• "I can imagine that the process hasn't changed "much" in 50 years.  Don't forget, 50 years ago we were already launching Apollo 6 and 7.  No CNC back then, but manufacturing of complex shapes was not invented in the third millenium.  3D pantograph routers could have done that cutting, just with more human intervention. But I share your chair envy.  They do look comfortable.  Hot, though."
    on: How the Eames Lounge Chair is Made
  • "Probably not a "handyman friend".  More likely some employee of the contractor who wasn't a sign guy and didn't care how they looked because 15 minutes after he left he'd be caulking a seam a mile away on another finish up job. "
    on: Today's Urban Design Observation: Is This Screw-Up the Designer's Fault or the Contractor's Fault?
  • "Some marketing cubicle rat at KKR is working above his abilities.  Corporate stupidity (at all levels) is inversely proportional to the unemployment rate.I have a number of Hitachi tools.  All are professional grade and have delivered exceptional service.  Even my old 18V lithium battery tools are superior to most others I've used or worked alongside - even if they do look like the Green Hornet's running shoes.  For some reason, most people don't know much about Hitachi.  But you're right that they know even less about Metabo.  I hope this isn't the end.  And I hope they don't start cheaping up the tools like DeWalt did some years back.  I don't have a DeWalt that hasn't been in the shop for repairs, even though I use the Hitachis and Milwaukees a lot more."
    on: Hitachi Power Tools is Changing Their Name to Metabo—But Metabo's Tools Will Still Be Different
  • "Not very practical. You can get a much cleaner, straighter rip cut with a straight-edge and a circular saw. (Read on if you want to hear a better idea than wasting money on a track saw.)But it would be a different story if you wanted to cut curves into that piece of sheet goods. Does kind of seem like it would vibrate a lot, though. Bob up and down like a sewing machine most likely.Here's my suggestion for cutting up sheet goods if you don't have a table saw (or the huge amount of floorspace it takes to use one.)Go to the metal store - the one where welders go to buy their materials. Buy a 20' section of aluminum 1/4"x2" bar stock. Have them cut it to the following lengths:9'5'3'2'And the "drop" will be around 11"These give you some very rugged straightedges for many different uses. The 9' or 5' size can be clamped with spring clamps right on to your sheet goods with enough overhang to guide the saw into and out of the cut. The other sizes are handy for cutting up the pieces. All sizes are handy for checking floors and walls for flatness, drawing and/or scoring straight lines, screeding small jobs (they clean up nicely). I've put masking tape on one side when cutting pre-finished materials. I've used them for guiding a wet saw when cutting granite or slate.If you drill a hole in the end of each piece, they will hang on a 16d finish nail in any out of the way place that's a couple of inches wide. Cost is minimal and value is high.Now you can cut up sheet goods resting on sawhorses (and usually something additional to keep from sagging.) No need for 200s.f. of space around your table saw.If you use a high quality circular saw (my older Porter Cables are good, as is the Skill Sidewinder - don't buy online so you can check blade runout before you buy) and measure accurately you can get as clean a cut as with a table saw and accuracy is as good as the care you take. This system is at least as accurate as a track saw, more versatile, and only slightly more time-consuming to use. My PC saws both have a precisely 5" offset with a narrow kerf blade on. That's pretty handy, but maybe the other manufacturers do the same."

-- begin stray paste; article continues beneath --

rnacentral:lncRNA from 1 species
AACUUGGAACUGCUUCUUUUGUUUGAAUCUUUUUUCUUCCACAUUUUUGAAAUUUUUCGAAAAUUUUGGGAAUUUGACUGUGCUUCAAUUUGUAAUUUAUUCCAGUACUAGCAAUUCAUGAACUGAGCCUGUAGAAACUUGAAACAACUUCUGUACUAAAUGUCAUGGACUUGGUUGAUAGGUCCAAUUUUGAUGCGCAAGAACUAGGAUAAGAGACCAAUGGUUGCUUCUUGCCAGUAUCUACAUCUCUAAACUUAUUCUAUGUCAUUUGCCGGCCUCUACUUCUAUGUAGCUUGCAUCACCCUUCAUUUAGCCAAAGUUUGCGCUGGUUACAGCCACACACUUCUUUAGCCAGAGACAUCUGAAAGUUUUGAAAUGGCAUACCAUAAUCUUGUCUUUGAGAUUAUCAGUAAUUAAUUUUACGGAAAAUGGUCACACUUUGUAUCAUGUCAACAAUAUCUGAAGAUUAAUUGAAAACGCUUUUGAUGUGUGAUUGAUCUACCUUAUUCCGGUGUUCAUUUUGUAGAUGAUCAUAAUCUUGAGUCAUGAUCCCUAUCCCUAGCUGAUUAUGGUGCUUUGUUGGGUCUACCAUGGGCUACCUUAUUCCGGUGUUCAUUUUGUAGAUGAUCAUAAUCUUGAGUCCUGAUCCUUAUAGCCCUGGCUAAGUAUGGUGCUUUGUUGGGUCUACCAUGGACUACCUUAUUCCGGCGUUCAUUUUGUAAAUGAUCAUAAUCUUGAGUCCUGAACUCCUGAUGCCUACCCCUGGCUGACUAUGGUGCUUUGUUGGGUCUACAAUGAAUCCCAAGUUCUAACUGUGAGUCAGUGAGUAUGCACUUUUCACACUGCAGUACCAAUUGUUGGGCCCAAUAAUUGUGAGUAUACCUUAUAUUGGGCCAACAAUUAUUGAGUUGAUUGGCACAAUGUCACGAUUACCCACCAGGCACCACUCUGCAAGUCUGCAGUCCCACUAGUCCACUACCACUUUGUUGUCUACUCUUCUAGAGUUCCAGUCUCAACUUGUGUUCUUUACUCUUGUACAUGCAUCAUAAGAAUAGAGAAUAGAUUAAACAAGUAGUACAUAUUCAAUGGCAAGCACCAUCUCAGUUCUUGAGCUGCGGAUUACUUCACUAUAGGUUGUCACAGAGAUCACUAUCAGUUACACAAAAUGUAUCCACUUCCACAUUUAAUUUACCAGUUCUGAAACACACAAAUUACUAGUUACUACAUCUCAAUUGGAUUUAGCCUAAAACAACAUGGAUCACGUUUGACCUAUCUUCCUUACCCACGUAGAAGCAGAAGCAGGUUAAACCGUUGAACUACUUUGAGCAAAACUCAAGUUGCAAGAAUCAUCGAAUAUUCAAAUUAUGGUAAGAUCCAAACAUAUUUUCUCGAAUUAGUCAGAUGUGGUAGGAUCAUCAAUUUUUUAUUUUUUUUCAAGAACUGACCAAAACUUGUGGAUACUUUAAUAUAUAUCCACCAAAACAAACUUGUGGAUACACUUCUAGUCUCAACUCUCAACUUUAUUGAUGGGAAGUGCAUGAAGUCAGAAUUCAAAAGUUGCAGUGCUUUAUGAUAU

on: Man Hacks a Bandsaw to Rip 4x8 Sheets in Half!